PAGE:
Amos 7:7-15; Ephesians 1:3-14; Mark 6:14-29
Luke 1:5-20, 57-80
+ Grace to you and peace from God our Father and the Lord Jesus Christ, in the unity of the Holy Spirit. Amen. +
Every morning, an untold number of people in the Roman Catholic and Lutheran and Anglican and Orthodox traditions, in countries all over the world, rise with the sun and prepare themselves for worship. In homes and schools, in monasteries and convents, in small and large churches, in all kinds of different places, they read Scripture and sing psalms and hymns, and – almost without exception – included within the set of songs that they sing is part of the text before us today. The “Song of Zechariah” is one of three songs from the first two chapters of Luke’s Gospel – along with Mary’s Song and the Song of Simeon – that is a part of the daily prayer cycle governing the lives of many Christians. Through joy and sadness, in times of warfare and peace, amid the realities of triumph and struggle, these words have streamed from the lips of countless faithful people throughout the church’s history. That’s quite an image, isn’t it? There is something remarkable about the thought of hundreds of millions of Christians chanting and singing and reciting the same passage, day in and day out, their lives being shaped by this song of hope and praise and promise.
Words are powerful, and the songs that we sing have a profound impact on the way we look at the world. I’ve been pondering that quite a bit these past few weeks as the year draws toward its conclusion and I reflect on the year that has been. We have witnessed violence unleashed upon innocent people across the world and in our own country. We have seen people marching in the streets of cities and towns across America in pursuit of justice denied and equality deferred. We have watched as strident and exclusionary voices once consigned to the margins of society are becoming increasingly acceptable in our national discourse. In a world in which more of us can be heard more widely than at any time in human history, what refrains are echoing through our nation and our world, and which ones will we allow to shape us? Will we let our hearts be hardened by the politics of division, by messages that lead us to distrust and hatred of those who differ from us? Will we succumb to the pessimism and cynicism that leads us to believe that we are incapable of working together for the common good? Will we let fear trump the better angels of our nature? Or will we choose to sing a better song, a song that leads us out of despair into renewed hope? What would it look like if we reclaimed the Song of Zechariah for our own day and sang these words in defiance of the prevailing mood?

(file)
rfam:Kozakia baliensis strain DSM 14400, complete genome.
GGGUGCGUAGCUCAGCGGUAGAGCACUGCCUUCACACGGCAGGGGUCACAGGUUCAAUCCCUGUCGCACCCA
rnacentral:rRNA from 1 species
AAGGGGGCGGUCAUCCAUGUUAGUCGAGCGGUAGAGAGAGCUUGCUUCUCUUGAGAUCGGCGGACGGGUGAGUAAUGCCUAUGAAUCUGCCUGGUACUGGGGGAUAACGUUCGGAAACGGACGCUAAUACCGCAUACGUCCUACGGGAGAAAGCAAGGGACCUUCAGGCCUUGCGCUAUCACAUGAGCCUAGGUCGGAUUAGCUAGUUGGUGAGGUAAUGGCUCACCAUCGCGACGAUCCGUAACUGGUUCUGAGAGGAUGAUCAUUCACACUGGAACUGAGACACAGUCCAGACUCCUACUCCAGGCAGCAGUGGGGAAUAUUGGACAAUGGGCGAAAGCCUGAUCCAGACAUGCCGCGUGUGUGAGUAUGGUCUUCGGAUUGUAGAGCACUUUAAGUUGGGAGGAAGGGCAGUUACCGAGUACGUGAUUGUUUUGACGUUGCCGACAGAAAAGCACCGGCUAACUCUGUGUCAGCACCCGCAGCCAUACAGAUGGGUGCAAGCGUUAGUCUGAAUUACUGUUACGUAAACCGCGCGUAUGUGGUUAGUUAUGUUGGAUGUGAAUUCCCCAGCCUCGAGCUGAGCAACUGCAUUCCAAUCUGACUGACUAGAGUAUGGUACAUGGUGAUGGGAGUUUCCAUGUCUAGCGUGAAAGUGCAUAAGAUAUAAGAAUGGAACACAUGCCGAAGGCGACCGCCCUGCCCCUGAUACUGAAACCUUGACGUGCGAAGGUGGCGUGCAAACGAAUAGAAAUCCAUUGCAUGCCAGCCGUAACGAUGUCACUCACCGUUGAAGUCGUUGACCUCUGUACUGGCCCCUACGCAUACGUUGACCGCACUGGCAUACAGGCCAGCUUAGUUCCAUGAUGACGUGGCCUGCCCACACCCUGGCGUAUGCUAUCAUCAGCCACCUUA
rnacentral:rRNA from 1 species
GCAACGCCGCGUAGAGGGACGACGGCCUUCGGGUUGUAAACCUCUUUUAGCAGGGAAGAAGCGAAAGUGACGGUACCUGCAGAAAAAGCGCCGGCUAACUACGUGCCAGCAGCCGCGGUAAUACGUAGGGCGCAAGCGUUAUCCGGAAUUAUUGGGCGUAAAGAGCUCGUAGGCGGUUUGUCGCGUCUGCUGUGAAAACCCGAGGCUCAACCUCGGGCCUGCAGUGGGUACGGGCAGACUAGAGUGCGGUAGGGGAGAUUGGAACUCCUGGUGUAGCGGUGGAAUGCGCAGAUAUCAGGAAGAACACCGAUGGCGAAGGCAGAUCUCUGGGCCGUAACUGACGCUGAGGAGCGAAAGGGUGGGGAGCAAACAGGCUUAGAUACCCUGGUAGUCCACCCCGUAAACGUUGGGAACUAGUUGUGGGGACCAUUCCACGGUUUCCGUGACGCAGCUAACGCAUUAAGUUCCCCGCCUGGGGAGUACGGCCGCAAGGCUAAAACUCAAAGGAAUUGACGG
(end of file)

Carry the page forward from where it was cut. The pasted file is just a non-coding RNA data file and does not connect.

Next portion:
The first thing that might happen is that we might regain a sense of perspective. We live in a world with a remarkable lack of perspective and an incredibly short memory. We are obsessed with what is happening in the moment and what might be coming next; by and large, we fail to look at the present or the future with an eye toward the past. Zechariah – whose name means “the Lord remembers” in Hebrew – sings a song about what is and what is coming in light of what God has already done.
“Blessed be ADONAI, the God of Israel,
because he has visited his people and accomplished their release.
69He has raised up for us a mighty Savior
from the house of his servant David,
70just as he spoke through the mouth of his holy prophets in ages past: